Monday 3 February 2014

Liturgical Worship and Orthodoxy 2

We noted in Post 1 that until the most recent times all mainstream Christian worship was liturgical to a great extent. It followed a predetermined order and structure, often with well-established content that congregations would have been used to participating in. Of course the majority Anglican tradition remained manifestly liturgical. So too did the Catholic tradition. But the Methodists also had a liturgical culture, based on the Anglican Book of Common Prayer which Wesley, as an Anglican, had always used. Even Baptists and Presbyterians had and have a liturgy, a structure, to their services and publish service books today to be used in their congregations.

This repeats what I have already said. But having re-iterated that Christian worship has always been liturgical until the most recent times we can also insist that it was liturgical from the earliest times. Now it would be possible to turn to the Scriptures immediately and illustrate the liturgical nature of the worship of the early Church. But in fact there are Protestants who will open the same Scriptures and make them show that the Church was not liturgical, or that it had any other characteristic which they might choose.

For this reason I will start by asking what we know about the Apostolic and Sub-Apostolic Church outside the Scriptures. This will allow us to reasonably determine how we should interpret the New Testament evidence. It makes no sense to discover how the early Church worshipped and then interpret the Scriptures in accordance with other a priori assumptions. In fact we will discover that the only way that the evidence for the liturgical worship of the early Church can be rejected is by assuming that the early Church fell into error and even outright heresy so that it cannot be used as an example. My own Plymouth Brethren tradition took such a view, conveniently denying all of Church History by teaching that it was the history of an apostate community.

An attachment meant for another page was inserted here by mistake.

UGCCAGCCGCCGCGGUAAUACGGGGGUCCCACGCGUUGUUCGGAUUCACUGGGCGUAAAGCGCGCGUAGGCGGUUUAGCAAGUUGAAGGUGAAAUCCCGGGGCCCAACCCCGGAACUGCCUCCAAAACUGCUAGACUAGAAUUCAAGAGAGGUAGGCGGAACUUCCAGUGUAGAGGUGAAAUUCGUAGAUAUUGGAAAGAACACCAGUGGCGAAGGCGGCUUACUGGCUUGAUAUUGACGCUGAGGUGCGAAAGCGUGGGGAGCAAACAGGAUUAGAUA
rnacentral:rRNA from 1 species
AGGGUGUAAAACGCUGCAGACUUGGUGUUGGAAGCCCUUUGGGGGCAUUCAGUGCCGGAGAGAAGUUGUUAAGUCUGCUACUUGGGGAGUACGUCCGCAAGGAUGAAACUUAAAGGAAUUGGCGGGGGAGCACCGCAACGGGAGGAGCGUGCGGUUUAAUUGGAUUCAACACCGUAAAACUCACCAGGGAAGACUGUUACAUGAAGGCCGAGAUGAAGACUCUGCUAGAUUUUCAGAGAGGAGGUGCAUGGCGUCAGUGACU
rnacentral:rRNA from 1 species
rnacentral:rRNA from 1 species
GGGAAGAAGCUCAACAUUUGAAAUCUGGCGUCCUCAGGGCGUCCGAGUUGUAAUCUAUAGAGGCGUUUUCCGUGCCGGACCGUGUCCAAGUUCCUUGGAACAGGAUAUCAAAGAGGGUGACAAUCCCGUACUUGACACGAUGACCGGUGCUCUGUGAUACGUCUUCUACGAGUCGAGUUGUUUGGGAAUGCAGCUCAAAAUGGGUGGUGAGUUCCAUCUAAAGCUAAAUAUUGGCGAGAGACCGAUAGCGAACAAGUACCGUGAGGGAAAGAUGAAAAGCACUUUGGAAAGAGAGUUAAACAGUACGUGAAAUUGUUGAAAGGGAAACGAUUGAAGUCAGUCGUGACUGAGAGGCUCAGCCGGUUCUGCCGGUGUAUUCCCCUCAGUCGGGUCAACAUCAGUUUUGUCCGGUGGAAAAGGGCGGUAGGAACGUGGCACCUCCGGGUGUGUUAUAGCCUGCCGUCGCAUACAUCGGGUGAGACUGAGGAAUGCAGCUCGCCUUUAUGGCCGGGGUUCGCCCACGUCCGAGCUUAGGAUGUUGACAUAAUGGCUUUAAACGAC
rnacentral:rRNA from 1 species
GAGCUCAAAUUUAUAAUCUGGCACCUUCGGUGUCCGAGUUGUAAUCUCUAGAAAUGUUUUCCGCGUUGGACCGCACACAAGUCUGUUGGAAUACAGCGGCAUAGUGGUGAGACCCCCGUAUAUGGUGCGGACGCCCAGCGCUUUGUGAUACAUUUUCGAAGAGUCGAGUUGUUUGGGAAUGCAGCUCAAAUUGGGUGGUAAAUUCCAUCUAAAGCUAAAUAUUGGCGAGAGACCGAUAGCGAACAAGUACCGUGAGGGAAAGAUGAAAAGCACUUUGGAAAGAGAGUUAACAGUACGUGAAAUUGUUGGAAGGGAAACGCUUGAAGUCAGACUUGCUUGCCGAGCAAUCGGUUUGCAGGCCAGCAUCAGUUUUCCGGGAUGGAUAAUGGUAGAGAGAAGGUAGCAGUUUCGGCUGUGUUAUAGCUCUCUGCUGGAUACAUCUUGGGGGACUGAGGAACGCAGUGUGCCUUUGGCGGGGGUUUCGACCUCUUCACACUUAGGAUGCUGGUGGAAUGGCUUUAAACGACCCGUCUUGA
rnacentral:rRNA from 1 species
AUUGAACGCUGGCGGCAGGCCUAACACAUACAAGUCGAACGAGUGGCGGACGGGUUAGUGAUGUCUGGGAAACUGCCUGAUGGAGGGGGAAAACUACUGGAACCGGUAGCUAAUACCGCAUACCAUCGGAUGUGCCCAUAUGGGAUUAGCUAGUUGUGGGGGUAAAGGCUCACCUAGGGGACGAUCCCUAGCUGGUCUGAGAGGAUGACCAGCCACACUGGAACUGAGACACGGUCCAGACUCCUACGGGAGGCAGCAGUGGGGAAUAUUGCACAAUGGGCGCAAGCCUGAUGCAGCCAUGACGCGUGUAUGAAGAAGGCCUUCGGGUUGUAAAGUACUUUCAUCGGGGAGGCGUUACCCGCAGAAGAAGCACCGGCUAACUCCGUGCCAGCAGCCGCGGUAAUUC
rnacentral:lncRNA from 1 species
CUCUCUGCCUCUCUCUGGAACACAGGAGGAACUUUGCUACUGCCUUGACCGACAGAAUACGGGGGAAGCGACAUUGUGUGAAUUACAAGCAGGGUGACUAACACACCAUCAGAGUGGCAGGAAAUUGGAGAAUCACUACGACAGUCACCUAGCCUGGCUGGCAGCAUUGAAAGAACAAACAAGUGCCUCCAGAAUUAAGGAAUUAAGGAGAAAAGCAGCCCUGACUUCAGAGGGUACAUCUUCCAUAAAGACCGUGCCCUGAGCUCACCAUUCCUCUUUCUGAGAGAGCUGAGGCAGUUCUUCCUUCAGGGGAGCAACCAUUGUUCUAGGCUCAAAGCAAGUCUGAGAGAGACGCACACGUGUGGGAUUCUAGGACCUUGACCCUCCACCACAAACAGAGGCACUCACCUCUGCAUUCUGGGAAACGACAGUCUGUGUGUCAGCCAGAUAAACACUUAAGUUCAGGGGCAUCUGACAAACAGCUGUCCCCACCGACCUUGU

We will start with the Didache, one of the earliest texts of the Church, written in the mid to late first century while some of the Apostles and a great many of their disciples were still alive and guiding the Church. The Didache was known to the Fathers of the Church, and considered even by St Athanasius as part of the Apocrypha. There is no hint that it should be rejected as an heretical or heterodox document belong to some obscure sect. On the contrary, it came to be included in other so-called Church Orders.

In Chapter 9 and 10 of the Didache we find the liturgical texts which were established to be used for the Eucharist and after Communion by those who had this little instruction manual to hand. They include the words…

“We thank thee, our Father, for the holy vine of David Thy servant, which You madest known to us through Jesus Thy Servant; to Thee be the glory for ever..”

“We thank Thee, our Father, for the life and knowledge which You madest known to us through Jesus Thy Servant; to Thee be the glory for ever. Even as this broken bread was scattered over the hills, and was gathered together and became one, so let Thy Church be gathered together from the ends of the earth into Thy kingdom; for Thine is the glory and the power through Jesus Christ for ever..”

Now these are not simply examples, but they are instructions which are given in the words…

“Give thanks this way…”

We can reasonably infer that in the areas where this manual of instruction was available we could walk into a very early Church and find that the Eucharist was conducted with the words as given. It does not matter that the text is short and relatively simple, what matters in this consideration is that it is definitely liturgical.

So here is a text of the earliest Church, written and used while the Apostles were alive, and it is liturgy.

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